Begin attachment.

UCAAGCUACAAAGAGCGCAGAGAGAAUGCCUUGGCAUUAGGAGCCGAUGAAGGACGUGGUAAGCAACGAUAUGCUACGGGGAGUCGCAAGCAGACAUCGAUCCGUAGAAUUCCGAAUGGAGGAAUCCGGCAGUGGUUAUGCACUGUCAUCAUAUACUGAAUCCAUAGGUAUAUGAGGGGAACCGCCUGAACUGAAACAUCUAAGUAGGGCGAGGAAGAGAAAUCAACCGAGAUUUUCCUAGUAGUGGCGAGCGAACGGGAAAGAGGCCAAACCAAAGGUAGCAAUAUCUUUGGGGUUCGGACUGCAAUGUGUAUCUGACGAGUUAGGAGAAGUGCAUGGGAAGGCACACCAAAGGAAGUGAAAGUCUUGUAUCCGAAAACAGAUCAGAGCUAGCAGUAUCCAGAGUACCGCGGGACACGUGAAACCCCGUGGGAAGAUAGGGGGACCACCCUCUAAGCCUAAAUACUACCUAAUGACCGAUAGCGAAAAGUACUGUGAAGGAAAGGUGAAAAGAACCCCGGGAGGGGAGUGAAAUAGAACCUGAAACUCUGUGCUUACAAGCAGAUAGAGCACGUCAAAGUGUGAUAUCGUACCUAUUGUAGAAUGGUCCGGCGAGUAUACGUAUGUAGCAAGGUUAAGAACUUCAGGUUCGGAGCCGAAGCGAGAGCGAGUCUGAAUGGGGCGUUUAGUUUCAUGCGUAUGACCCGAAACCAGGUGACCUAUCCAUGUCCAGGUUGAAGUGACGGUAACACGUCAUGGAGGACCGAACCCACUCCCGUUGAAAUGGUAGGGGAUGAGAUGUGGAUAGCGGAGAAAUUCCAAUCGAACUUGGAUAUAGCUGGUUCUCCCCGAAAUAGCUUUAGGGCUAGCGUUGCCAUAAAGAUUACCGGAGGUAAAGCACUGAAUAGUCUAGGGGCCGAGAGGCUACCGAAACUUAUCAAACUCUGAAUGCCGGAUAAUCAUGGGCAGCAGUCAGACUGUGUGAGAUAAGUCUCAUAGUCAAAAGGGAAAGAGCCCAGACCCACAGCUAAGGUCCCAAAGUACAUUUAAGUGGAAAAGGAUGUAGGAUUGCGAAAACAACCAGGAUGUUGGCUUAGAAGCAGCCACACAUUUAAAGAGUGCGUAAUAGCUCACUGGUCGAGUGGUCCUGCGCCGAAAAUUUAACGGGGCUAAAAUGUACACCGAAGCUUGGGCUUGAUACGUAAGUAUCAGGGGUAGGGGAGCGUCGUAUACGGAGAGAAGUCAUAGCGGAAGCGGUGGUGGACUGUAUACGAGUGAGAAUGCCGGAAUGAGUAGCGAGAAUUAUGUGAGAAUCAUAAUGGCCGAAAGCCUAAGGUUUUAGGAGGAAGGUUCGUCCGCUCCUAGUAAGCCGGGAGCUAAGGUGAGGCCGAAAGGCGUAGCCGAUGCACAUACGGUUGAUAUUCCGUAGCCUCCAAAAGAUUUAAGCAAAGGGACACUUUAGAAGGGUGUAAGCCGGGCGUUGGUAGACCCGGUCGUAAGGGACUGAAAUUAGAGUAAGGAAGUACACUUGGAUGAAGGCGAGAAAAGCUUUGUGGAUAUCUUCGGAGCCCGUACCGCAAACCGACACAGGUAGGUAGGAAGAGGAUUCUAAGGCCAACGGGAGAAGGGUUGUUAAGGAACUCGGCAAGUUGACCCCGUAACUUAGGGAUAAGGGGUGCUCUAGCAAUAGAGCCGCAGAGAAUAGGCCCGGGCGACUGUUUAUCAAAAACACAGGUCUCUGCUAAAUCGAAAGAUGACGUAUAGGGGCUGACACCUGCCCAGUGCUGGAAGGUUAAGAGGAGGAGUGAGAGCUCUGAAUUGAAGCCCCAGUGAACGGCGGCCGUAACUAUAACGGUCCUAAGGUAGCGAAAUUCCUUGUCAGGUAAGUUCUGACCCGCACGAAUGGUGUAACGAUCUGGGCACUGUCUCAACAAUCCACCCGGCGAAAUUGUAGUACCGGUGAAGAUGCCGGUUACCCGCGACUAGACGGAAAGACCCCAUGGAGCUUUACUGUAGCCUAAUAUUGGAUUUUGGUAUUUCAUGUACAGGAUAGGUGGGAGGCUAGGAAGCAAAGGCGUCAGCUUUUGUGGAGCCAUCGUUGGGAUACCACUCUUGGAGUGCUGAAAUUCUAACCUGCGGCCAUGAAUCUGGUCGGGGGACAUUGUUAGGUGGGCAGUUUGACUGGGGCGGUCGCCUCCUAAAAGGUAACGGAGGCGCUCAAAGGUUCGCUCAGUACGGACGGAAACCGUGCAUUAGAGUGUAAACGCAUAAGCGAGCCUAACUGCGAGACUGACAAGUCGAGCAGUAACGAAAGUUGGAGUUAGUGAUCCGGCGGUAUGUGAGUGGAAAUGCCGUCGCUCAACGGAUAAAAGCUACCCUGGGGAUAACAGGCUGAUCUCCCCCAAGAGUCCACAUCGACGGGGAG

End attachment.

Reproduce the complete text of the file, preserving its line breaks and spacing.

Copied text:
UCAAGCUACAAAGAGCGCAGAGAGAAUGCCUUGGCAUUAGGAGCCGAUGAAGGACGUGGUAAGCAACGAUAUGCUACGGGGAGUCGCAAGCAGACAUCGAUCCGUAGAAUUCCGAAUGGAGGAAUCCGGCAGUGGUUAUGCACUGUCAUCAUAUACUGAAUCCAUAGGUAUAUGAGGGGAACCGCCUGAACUGAAACAUCUAAGUAGGGCGAGGAAGAGAAAUCAACCGAGAUUUUCCUAGUAGUGGCGAGCGAACGGGAAAGAGGCCAAACCAAAGGUAGCAAUAUCUUUGGGGUUCGGACUGCAAUGUGUAUCUGACGAGUUAGGAGAAGUGCAUGGGAAGGCACACCAAAGGAAGUGAAAGUCUUGUAUCCGAAAACAGAUCAGAGCUAGCAGUAUCCAGAGUACCGCGGGACACGUGAAACCCCGUGGGAAGAUAGGGGGACCACCCUCUAAGCCUAAAUACUACCUAAUGACCGAUAGCGAAAAGUACUGUGAAGGAAAGGUGAAAAGAACCCCGGGAGGGGAGUGAAAUAGAACCUGAAACUCUGUGCUUACAAGCAGAUAGAGCACGUCAAAGUGUGAUAUCGUACCUAUUGUAGAAUGGUCCGGCGAGUAUACGUAUGUAGCAAGGUUAAGAACUUCAGGUUCGGAGCCGAAGCGAGAGCGAGUCUGAAUGGGGCGUUUAGUUUCAUGCGUAUGACCCGAAACCAGGUGACCUAUCCAUGUCCAGGUUGAAGUGACGGUAACACGUCAUGGAGGACCGAACCCACUCCCGUUGAAAUGGUAGGGGAUGAGAUGUGGAUAGCGGAGAAAUUCCAAUCGAACUUGGAUAUAGCUGGUUCUCCCCGAAAUAGCUUUAGGGCUAGCGUUGCCAUAAAGAUUACCGGAGGUAAAGCACUGAAUAGUCUAGGGGCCGAGAGGCUACCGAAACUUAUCAAACUCUGAAUGCCGGAUAAUCAUGGGCAGCAGUCAGACUGUGUGAGAUAAGUCUCAUAGUCAAAAGGGAAAGAGCCCAGACCCACAGCUAAGGUCCCAAAGUACAUUUAAGUGGAAAAGGAUGUAGGAUUGCGAAAACAACCAGGAUGUUGGCUUAGAAGCAGCCACACAUUUAAAGAGUGCGUAAUAGCUCACUGGUCGAGUGGUCCUGCGCCGAAAAUUUAACGGGGCUAAAAUGUACACCGAAGCUUGGGCUUGAUACGUAAGUAUCAGGGGUAGGGGAGCGUCGUAUACGGAGAGAAGUCAUAGCGGAAGCGGUGGUGGACUGUAUACGAGUGAGAAUGCCGGAAUGAGUAGCGAGAAUUAUGUGAGAAUCAUAAUGGCCGAAAGCCUAAGGUUUUAGGAGGAAGGUUCGUCCGCUCCUAGUAAGCCGGGAGCUAAGGUGAGGCCGAAAGGCGUAGCCGAUGCACAUACGGUUGAUAUUCCGUAGCCUCCAAAAGAUUUAAGCAAAGGGACACUUUAGAAGGGUGUAAGCCGGGCGUUGGUAGACCCGGUCGUAAGGGACUGAAAUUAGAGUAAGGAAGUACACUUGGAUGAAGGCGAGAAAAGCUUUGUGGAUAUCUUCGGAGCCCGUACCGCAAACCGACACAGGUAGGUAGGAAGAGGAUUCUAAGGCCAACGGGAGAAGGGUUGUUAAGGAACUCGGCAAGUUGACCCCGUAACUUAGGGAUAAGGGGUGCUCUAGCAAUAGAGCCGCAGAGAAUAGGCCCGGGCGACUGUUUAUCAAAAACACAGGUCUCUGCUAAAUCGAAAGAUGACGUAUAGGGGCUGACACCUGCCCAGUGCUGGAAGGUUAAGAGGAGGAGUGAGAGCUCUGAAUUGAAGCCCCAGUGAACGGCGGCCGUAACUAUAACGGUCCUAAGGUAGCGAAAUUCCUUGUCAGGUAAGUUCUGACCCGCACGAAUGGUGUAACGAUCUGGGCACUGUCUCAACAAUCCACCCGGCGAAAUUGUAGUACCGGUGAAGAUGCCGGUUACCCGCGACUAGACGGAAAGACCCCAUGGAGCUUUACUGUAGCCUAAUAUUGGAUUUUGGUAUUUCAUGUACAGGAUAGGUGGGAGGCUAGGAAGCAAAGGCGUCAGCUUUUGUGGAGCCAUCGUUGGGAUACCACUCUUGGAGUGCUGAAAUUCUAACCUGCGGCCAUGAAUCUGGUCGGGGGACAUUGUUAGGUGGGCAGUUUGACUGGGGCGGUCGCCUCCUAAAAGGUAACGGAGGCGCUCAAAGGUUCGCUCAGUACGGACGGAAACCGUGCAUUAGAGUGUAAACGCAUAAGCGAGCCUAACUGCGAGACUGACAAGUCGAGCAGUAACGAAAGUUGGAGUUAGUGAUCCGGCGGUAUGUGAGUGGAAAUGCCGUCGCUCAACGGAUAAAAGCUACCCUGGGGAUAACAGGCUGAUCUCCCCCAAGAGUCCACAUCGACGGGGAG